Karl Roscher, Maryland's aquaculture coordinator, said he understood the need to create new markets, but warned the department couldn't move forward on an issue that made its police officers uncomfortable.
"They're still not at the point where they feel they can protect the wild populations," Roscher said. "We're trying to deter theft on leases and public bars, and there's just not enough officers out there."
Since Maryland eliminated its aquaculture prohibitions two years ago, several entrepreneurs and watermen have waded into the business of growing oysters. Nearly a dozen businesses are operating, and many more are on the way.
Del. Anthony J. O'Donnell, a Southern Maryland Republican who has been championing aquaculture for the last five years, said he understands the officers' concerns. But, he added, the regulators need to change their mindset about oysters. The farm-raised ones are a growing business with a bright future, whereas the wild catch is at 1 percent of its historic levels. The two products are different, he said, and they need to be managed accordingly.
"It's the difference between wild turkey and farm-raised," O'Donnell said. "It makes no sense to regulate the sale of a Butterball turkey only during the sunrise hours in the spring."
Record spring flows blamed for die-off of oysters in Upper Bay
This spring's record runoff from the Susquehanna took a deadly toll on oysters in the Upper Chesapeake, where low salinities were blamed for killing nearly 80 percent of the oysters on the four northernmost bars.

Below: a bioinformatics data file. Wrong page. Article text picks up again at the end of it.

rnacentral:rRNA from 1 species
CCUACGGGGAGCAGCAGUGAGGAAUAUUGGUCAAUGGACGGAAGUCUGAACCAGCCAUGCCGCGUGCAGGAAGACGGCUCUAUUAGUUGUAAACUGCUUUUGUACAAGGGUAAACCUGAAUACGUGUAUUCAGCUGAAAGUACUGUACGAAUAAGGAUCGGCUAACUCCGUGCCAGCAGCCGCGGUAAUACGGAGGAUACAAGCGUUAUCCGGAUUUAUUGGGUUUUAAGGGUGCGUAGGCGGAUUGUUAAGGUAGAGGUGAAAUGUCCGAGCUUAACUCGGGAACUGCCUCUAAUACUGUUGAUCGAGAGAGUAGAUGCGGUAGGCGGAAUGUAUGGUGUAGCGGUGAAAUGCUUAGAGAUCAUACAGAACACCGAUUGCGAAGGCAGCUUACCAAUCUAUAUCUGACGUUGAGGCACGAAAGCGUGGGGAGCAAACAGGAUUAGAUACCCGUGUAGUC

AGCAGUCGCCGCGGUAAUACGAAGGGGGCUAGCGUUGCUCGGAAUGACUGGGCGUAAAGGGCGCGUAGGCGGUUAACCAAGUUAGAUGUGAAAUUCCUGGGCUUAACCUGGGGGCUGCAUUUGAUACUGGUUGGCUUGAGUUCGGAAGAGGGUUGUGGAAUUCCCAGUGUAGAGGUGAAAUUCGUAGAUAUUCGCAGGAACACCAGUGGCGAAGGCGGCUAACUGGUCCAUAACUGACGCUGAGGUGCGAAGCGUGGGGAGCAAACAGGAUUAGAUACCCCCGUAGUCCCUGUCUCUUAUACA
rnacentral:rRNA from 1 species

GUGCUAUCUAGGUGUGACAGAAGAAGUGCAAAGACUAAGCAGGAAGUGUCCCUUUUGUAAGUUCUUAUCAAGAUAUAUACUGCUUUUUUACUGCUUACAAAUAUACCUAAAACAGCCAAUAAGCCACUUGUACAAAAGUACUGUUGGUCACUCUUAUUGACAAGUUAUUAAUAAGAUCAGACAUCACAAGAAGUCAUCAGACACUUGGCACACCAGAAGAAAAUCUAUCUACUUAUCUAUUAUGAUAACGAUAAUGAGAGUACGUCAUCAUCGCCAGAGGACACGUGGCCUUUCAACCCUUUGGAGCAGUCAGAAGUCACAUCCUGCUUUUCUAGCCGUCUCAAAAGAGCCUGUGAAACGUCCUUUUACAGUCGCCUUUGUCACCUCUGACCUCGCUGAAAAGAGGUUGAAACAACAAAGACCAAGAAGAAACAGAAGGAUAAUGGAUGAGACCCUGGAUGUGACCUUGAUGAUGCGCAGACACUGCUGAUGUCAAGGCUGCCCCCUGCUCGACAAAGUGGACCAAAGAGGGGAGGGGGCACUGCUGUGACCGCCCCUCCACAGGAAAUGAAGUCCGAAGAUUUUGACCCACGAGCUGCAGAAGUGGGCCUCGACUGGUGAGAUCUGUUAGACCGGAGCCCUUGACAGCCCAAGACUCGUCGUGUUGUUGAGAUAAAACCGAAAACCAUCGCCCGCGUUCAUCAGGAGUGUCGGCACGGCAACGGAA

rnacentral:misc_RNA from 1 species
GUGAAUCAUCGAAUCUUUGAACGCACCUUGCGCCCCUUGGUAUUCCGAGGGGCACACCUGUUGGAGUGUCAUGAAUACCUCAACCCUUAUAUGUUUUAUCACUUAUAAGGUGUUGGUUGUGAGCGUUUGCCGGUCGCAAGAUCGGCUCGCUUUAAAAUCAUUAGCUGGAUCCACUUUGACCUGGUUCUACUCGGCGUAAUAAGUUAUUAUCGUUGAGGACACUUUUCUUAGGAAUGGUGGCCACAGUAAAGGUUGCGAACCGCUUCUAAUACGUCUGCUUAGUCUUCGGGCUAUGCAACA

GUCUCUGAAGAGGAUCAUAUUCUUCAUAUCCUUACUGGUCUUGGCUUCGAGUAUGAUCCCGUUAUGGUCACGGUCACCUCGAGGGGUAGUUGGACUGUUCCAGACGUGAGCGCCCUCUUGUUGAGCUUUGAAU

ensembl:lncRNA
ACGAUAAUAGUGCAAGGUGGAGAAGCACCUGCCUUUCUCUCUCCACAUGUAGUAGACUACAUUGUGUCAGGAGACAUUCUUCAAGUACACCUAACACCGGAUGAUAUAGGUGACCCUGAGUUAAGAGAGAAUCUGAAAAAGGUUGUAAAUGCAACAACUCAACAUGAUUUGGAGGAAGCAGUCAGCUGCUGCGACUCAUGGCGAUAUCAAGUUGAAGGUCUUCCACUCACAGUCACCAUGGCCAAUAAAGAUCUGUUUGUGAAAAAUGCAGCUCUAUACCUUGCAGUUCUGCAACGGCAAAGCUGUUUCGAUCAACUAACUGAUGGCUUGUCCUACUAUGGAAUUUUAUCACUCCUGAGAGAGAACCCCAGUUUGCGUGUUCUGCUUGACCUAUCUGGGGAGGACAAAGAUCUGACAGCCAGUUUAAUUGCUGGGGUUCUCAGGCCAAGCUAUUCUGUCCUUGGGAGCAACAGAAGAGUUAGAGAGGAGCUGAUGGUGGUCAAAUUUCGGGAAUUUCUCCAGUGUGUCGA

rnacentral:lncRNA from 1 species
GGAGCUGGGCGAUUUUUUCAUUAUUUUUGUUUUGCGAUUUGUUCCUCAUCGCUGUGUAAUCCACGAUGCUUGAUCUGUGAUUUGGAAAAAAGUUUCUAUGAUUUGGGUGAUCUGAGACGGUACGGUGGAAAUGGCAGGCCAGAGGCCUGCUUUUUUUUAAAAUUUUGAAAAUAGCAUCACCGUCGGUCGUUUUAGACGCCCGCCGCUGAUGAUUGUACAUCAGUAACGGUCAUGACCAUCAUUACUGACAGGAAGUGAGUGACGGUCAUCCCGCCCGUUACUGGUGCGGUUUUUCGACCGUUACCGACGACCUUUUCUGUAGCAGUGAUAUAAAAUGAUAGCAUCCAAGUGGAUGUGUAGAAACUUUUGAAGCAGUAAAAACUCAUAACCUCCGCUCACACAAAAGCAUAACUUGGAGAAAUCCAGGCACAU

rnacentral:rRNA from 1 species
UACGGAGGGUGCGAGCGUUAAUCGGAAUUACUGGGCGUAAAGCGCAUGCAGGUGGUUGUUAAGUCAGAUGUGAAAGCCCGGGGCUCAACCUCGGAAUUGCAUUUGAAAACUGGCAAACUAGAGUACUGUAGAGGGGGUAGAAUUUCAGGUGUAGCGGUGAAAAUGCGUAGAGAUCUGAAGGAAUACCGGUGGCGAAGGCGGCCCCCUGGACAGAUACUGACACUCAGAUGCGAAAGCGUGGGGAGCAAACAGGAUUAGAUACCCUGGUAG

Maryland Department of Natural Resources biologists conducting their annual Fall Oyster Survey collected samples from 15 oyster bars north of the Bay Bridge. In the four northernmost bars along the Eastern Shore, oysters suffered a cumulative mortality of 79 percent, with no live oysters on the two northernmost bars. The few live oysters that were found in Upper Bay bars were in poor condition, DNR reported.
Higher than normal mortality rates were also found along the Western Shore, north of the Bay Bridge. The combined mortality rate for the six bars in the mainstem of the Bay between the Magothy River and Man O War Shoal at the mouth of the Patapsco River was 74 percent, a sevenfold increase over the 2010 rate of 11 percent, according to the DNR.
Biologists were disappointed, as the area had an unusually high spat set last year - something uncommon in low-salinity areas - which they hoped had set the stage for a possible surge in oyster numbers in that area. "This is a setback for the Upper Bay," said Mike Naylor, DNR shellfish program director. "This hits a fragile area of the Bay particularly hard. There were very few mature oysters in this area of the Bay to begin with, but it's very disheartening to see that the remarkable, encouraging 2010 spat set has been lost."
On a positive note, biologists said preliminary data from the rest of the Bay indicated low mortality from Sandy Point to points south, and oysters in these areas seemed in prime condition.
They said the Upper Bay die-off appeared to have been triggered by record low salinities in spring and early summer caused by unusually high freshwater flows down the Susquehanna River, which from March through May were the highest ever seen for that three-month period. Also, barnacles and other fouling organisms found in the oysters suggest they had died before the floods caused by Hurricane Irene and Tropical Storm Lee in late summer.
"These types of oyster kills commonly occur when oysters grow near a major source of freshwater," added Naylor, noting several similar die-offs occurred in the past century.